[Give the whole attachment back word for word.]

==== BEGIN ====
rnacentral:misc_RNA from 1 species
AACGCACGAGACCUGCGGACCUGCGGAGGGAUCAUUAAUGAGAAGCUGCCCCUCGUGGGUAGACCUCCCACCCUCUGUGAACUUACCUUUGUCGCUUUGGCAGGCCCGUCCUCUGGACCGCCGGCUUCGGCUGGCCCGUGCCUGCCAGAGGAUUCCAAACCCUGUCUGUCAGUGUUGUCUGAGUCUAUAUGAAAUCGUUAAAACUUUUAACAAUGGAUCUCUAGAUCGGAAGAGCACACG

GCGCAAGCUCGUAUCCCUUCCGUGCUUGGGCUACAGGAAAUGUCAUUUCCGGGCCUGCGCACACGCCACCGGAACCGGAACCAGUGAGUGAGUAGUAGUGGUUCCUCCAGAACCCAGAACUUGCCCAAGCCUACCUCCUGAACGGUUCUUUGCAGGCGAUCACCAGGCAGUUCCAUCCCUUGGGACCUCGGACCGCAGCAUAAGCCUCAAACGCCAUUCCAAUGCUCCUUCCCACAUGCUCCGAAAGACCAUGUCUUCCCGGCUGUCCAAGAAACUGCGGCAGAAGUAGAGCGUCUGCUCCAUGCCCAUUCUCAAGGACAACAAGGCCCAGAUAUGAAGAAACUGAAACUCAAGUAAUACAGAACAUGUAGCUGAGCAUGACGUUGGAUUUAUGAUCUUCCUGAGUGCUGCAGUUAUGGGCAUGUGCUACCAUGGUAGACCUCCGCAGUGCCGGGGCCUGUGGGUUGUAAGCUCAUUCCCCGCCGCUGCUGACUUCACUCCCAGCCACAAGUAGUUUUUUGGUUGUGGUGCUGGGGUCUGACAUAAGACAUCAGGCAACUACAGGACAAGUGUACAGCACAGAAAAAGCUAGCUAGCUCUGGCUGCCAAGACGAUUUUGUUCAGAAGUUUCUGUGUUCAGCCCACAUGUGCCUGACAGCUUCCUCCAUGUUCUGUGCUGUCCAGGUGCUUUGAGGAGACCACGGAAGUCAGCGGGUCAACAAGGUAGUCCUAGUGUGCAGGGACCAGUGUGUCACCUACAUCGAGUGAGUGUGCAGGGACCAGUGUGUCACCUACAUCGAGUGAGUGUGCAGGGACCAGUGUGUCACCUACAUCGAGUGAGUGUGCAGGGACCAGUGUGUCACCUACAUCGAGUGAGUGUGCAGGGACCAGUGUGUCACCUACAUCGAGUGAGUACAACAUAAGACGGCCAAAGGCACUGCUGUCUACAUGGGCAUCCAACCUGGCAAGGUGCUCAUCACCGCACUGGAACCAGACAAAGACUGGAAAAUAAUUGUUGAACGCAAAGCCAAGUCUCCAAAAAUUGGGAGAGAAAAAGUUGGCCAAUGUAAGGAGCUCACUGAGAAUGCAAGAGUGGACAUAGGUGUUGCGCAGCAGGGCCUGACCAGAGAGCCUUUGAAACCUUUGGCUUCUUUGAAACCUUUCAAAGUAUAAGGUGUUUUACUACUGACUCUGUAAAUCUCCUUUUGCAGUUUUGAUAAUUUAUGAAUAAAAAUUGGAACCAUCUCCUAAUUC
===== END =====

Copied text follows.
rnacentral:misc_RNA from 1 species
AACGCACGAGACCUGCGGACCUGCGGAGGGAUCAUUAAUGAGAAGCUGCCCCUCGUGGGUAGACCUCCCACCCUCUGUGAACUUACCUUUGUCGCUUUGGCAGGCCCGUCCUCUGGACCGCCGGCUUCGGCUGGCCCGUGCCUGCCAGAGGAUUCCAAACCCUGUCUGUCAGUGUUGUCUGAGUCUAUAUGAAAUCGUUAAAACUUUUAACAAUGGAUCUCUAGAUCGGAAGAGCACACG

GCGCAAGCUCGUAUCCCUUCCGUGCUUGGGCUACAGGAAAUGUCAUUUCCGGGCCUGCGCACACGCCACCGGAACCGGAACCAGUGAGUGAGUAGUAGUGGUUCCUCCAGAACCCAGAACUUGCCCAAGCCUACCUCCUGAACGGUUCUUUGCAGGCGAUCACCAGGCAGUUCCAUCCCUUGGGACCUCGGACCGCAGCAUAAGCCUCAAACGCCAUUCCAAUGCUCCUUCCCACAUGCUCCGAAAGACCAUGUCUUCCCGGCUGUCCAAGAAACUGCGGCAGAAGUAGAGCGUCUGCUCCAUGCCCAUUCUCAAGGACAACAAGGCCCAGAUAUGAAGAAACUGAAACUCAAGUAAUACAGAACAUGUAGCUGAGCAUGACGUUGGAUUUAUGAUCUUCCUGAGUGCUGCAGUUAUGGGCAUGUGCUACCAUGGUAGACCUCCGCAGUGCCGGGGCCUGUGGGUUGUAAGCUCAUUCCCCGCCGCUGCUGACUUCACUCCCAGCCACAAGUAGUUUUUUGGUUGUGGUGCUGGGGUCUGACAUAAGACAUCAGGCAACUACAGGACAAGUGUACAGCACAGAAAAAGCUAGCUAGCUCUGGCUGCCAAGACGAUUUUGUUCAGAAGUUUCUGUGUUCAGCCCACAUGUGCCUGACAGCUUCCUCCAUGUUCUGUGCUGUCCAGGUGCUUUGAGGAGACCACGGAAGUCAGCGGGUCAACAAGGUAGUCCUAGUGUGCAGGGACCAGUGUGUCACCUACAUCGAGUGAGUGUGCAGGGACCAGUGUGUCACCUACAUCGAGUGAGUGUGCAGGGACCAGUGUGUCACCUACAUCGAGUGAGUGUGCAGGGACCAGUGUGUCACCUACAUCGAGUGAGUGUGCAGGGACCAGUGUGUCACCUACAUCGAGUGAGUACAACAUAAGACGGCCAAAGGCACUGCUGUCUACAUGGGCAUCCAACCUGGCAAGGUGCUCAUCACCGCACUGGAACCAGACAAAGACUGGAAAAUAAUUGUUGAACGCAAAGCCAAGUCUCCAAAAAUUGGGAGAGAAAAAGUUGGCCAAUGUAAGGAGCUCACUGAGAAUGCAAGAGUGGACAUAGGUGUUGCGCAGCAGGGCCUGACCAGAGAGCCUUUGAAACCUUUGGCUUCUUUGAAACCUUUCAAAGUAUAAGGUGUUUUACUACUGACUCUGUAAAUCUCCUUUUGCAGUUUUGAUAAUUUAUGAAUAAAAAUUGGAACCAUCUCCUAAUUC